DDR2 800MHz Roundup: A-Data, Kingston, & Mushkin

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Conclusion

Nathan Kirsch’s Thoughts:

It has been some time since I have written an in-depth memory article and it feels good to be back doing what I love most.  I hope everyone enjoyed this 3-way DDR2 800MHz roundup and look forward to more memory articles as I am already benchmarking more PC2-6400 memory from OCZ (OCZ requested a stand alone review) and will post that article up in the near future. 

Benchmarking:

We took three of the leading enthusiast memory companies DDRII 800MHz memory kits and put them through the paces.  When it came to benchmarking the winner was clear from the get go because we all know tighter timings means better performance for the most part.  Since Mushkin rates their modules at tighter timings than A-DATA and Kingston they will always perform better for that reason.  When looking at the benchmarks it is interesting to see the performance gaps between A-DATA’s Vitesta series and Kingston’s HyperX memory line.  The small, but obvious performance difference is due to the Integrated Circuit (IC) selections and the Printed Circuit Board (PCB) that both companies picked to use.  We have been running Elpida and Infienon IC’s for nearly two years here and Legit Reviews and neither companies IC’s really jump out to us as performance winners.  It was shocking to see the Elpida/Brain Power combination perform so well in standard benchmarking and in overclocking.

General Thoughts:

A-DATA:

In recent months A-DATA has really focused on the North American memory market and have finally made it into major online retail channels.  (Think Newegg) A-DATA was last ranked the fourth largest memory company in the world and after looking at their modules it is easy to see how in less than five years they passed up other big names like Corsair, OCZ, Mushkin in the blink of an eye.  They focus on keeping prices down, while keeping performance levels up.  The A-DATA Vitesta DDRII 800 modules were the lowest priced modules of the round-up, but performed well in all of the benchmarking. This was our first major experience with their Vitesta memory line has at is has been a good one.  With low pricing and killer performance A-DATA seems to have some great DDR2 memory modules.  Our only concern with A-DATA is their RMA and return procedures since they are so new to this market.  So far we haven’t had or heard of any problems, but we will keep you up to date and time goes on. We look forward to bringing you more reviews of A-DATA memory modules and as time goes on we will get a better picture of the company and product lines.

Kingston:

The Infienon IC’s that Kingston is using on their HyperX line perform just fine at Kingston’s ratings, but refuse to run at tight timings and high frequencies.  The Kingston modules perform just fine at their rated speeds and come backed with some of the best customer support of any memory company we have seen. We found the Kingston HyperX PC2-6400 memory modules lack what a true overclocker and enthusiast is looking for — The ability to overclock their system to the max.  Our test bed could run 100% stable at 1040MHz with some of the other modules and our PC2-6400 kit from Kingston was only able to run up to 900MHz.  Considering that the Kingston modules cost the most and overclocked the least there isn’t much more to say here. Kingston has the power and knowledge to make some killer modules, but have been reluctant to push the boundaries of performance memory due to a number of issues.  One of the main reasons Kingston is getting hurt on the DDR2 enthusiast front is due to IC selection.  If Kingston was willing to change the IC’s they use on their DDR2 lineup their performance and overclocking numbers would be back up top with rest. **Hint Hint**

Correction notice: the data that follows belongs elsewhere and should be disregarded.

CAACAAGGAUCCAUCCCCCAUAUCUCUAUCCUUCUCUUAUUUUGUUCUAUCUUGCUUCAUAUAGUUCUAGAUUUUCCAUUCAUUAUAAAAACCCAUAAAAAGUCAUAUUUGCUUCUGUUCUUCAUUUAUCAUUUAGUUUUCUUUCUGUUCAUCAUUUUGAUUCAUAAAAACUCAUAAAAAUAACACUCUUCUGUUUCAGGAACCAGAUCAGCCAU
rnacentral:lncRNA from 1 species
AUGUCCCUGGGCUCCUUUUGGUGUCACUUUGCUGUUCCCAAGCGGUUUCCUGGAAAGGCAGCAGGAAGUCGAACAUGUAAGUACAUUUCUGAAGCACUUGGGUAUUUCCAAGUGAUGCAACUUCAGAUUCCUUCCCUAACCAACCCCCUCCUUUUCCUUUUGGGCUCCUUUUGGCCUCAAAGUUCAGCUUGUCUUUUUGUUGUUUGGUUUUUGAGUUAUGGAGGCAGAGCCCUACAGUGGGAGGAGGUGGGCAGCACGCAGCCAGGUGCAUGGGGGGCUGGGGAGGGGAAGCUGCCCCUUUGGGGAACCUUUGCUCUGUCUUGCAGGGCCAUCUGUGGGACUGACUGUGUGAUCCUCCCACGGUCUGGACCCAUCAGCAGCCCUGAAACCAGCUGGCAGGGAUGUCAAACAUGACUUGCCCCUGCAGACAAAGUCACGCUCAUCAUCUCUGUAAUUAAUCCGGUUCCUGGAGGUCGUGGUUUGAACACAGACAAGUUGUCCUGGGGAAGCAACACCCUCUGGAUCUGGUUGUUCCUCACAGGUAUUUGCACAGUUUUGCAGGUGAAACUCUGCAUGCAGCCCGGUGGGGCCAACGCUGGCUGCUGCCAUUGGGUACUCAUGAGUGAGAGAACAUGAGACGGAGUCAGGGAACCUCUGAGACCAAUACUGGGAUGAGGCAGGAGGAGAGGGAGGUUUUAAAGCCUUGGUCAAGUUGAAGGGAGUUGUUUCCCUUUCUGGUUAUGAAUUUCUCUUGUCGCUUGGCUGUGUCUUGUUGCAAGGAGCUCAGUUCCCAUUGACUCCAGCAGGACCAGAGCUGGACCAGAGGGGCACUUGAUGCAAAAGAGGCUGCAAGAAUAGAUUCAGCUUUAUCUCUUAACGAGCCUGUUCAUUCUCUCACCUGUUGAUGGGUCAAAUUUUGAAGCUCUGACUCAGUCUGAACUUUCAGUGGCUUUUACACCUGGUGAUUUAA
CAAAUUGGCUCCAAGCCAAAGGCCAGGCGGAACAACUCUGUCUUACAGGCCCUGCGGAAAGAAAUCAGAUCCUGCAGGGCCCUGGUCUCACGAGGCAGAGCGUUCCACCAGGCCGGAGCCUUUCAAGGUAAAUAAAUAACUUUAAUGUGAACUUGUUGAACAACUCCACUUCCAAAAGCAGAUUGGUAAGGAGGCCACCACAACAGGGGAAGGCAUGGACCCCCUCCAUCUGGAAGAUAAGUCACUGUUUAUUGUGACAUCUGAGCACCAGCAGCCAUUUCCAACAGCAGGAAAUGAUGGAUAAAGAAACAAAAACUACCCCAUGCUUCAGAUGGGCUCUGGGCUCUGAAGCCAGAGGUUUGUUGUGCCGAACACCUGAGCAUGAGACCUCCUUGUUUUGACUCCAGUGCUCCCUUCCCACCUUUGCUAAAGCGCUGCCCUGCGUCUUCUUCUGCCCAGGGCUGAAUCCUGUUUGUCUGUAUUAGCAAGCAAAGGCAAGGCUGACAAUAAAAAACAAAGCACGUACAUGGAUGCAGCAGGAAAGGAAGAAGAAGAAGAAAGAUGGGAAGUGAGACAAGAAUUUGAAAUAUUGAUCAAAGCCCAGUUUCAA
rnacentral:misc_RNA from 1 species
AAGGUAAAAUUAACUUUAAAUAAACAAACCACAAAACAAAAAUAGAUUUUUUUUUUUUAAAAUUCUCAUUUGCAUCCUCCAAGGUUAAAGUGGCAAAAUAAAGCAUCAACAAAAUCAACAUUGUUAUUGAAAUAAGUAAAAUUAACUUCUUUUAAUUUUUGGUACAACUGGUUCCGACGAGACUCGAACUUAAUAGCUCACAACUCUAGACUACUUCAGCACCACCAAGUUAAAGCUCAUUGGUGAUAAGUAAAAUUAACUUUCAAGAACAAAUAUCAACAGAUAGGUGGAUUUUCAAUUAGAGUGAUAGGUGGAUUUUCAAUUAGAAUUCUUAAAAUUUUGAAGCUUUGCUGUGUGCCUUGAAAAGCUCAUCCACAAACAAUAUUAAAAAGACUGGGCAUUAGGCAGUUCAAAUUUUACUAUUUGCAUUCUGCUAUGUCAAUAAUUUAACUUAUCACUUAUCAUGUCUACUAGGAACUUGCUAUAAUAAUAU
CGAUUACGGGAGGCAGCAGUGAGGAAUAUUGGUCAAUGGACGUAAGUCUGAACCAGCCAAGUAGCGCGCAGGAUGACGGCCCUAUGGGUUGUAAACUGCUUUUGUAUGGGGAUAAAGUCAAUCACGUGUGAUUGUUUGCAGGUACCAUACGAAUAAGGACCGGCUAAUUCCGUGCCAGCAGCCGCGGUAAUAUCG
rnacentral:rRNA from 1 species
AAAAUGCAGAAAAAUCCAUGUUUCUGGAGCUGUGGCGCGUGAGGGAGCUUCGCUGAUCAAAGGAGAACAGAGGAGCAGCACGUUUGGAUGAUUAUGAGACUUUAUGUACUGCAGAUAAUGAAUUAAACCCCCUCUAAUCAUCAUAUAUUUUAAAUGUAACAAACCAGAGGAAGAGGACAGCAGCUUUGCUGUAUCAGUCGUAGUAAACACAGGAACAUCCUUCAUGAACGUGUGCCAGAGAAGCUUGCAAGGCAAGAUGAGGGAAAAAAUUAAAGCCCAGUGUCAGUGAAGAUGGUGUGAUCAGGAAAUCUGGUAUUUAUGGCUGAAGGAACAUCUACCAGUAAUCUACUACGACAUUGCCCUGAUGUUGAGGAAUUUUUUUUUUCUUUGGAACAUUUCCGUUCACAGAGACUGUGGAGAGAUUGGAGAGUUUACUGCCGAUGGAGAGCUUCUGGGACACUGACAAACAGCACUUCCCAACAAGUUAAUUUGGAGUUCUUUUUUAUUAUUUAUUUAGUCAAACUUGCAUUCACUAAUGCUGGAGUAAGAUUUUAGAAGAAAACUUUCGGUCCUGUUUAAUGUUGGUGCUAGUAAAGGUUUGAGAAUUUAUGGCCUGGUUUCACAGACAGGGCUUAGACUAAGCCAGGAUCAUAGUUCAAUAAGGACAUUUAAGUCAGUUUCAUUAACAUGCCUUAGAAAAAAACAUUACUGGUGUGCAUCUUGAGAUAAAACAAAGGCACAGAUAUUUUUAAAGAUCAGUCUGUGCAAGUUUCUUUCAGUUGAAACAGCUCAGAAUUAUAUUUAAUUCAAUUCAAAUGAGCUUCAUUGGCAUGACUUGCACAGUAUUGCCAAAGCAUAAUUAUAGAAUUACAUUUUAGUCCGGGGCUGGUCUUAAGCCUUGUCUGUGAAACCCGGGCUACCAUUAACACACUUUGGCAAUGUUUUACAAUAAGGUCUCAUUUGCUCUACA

Mushkin:

Now that Mushkin is employee owned and a private company we are expecting them to make some new moves in the memory industry.  In recent months they have launched new heat spreaders and have made some very good choices on their memory modules.  Our Mushkin review sample differed from the other brands because it was 2GB.  The more IC’s that are on a memory module the harder it will be to overclock, because if one IC doesn’t like it the module will start throwing errors.  To our surprise the Mushkin eXtreme XP6400 memory kit overclocked past both the 1GB kits from A-DATA and Kingston.  The screened Micron D9 IC’s that Mushkin is using are impressive to say the least. With a price point right in the middle and the best performance and overclocking numbers of the review the Mushkin eXtreme XP6400 memory series is no joke.  When overclocked to 1040MHz the XP6400 modules show other companies what eXtreme memory should be.

Pricing:  

Recently we have been asked by our readers to compare the price versus MHz ratio on memory modules, so here is our first attempt.  To be fair to all the modules we are pricing a single 512MB module since we can only find the 512MB A-DATA Vitesta DDRII 800 modules to see how the price versus performance is.

512MB PC2-6400 Pricing Comparison

Brand

IC Brand 

Consumer Price

Price Per MHz

Live Pricing

A-DATA Vitesta

Elpida

$75.68
9 Cents

Kingston HyperX 

Infineon

$112.00
14 Cents

Mushkin eXtreme

Micron

$101.00
13 Cents

If you are looking for the best bang for the buck it looks like A-DATA takes the win here.

Legit Bottom Line:

If you want the ultimate flexibility in overclocking and timings take a look at Mushkin’s eXtreme XP6400 memory line. If you are “weekend enthusiast” who likes to overclock on a budget without having to brown bag lunch for a month the A-DATA Vitesta DDRII 800 memory line will get you to blazing 1GHz memory speeds for under $150.

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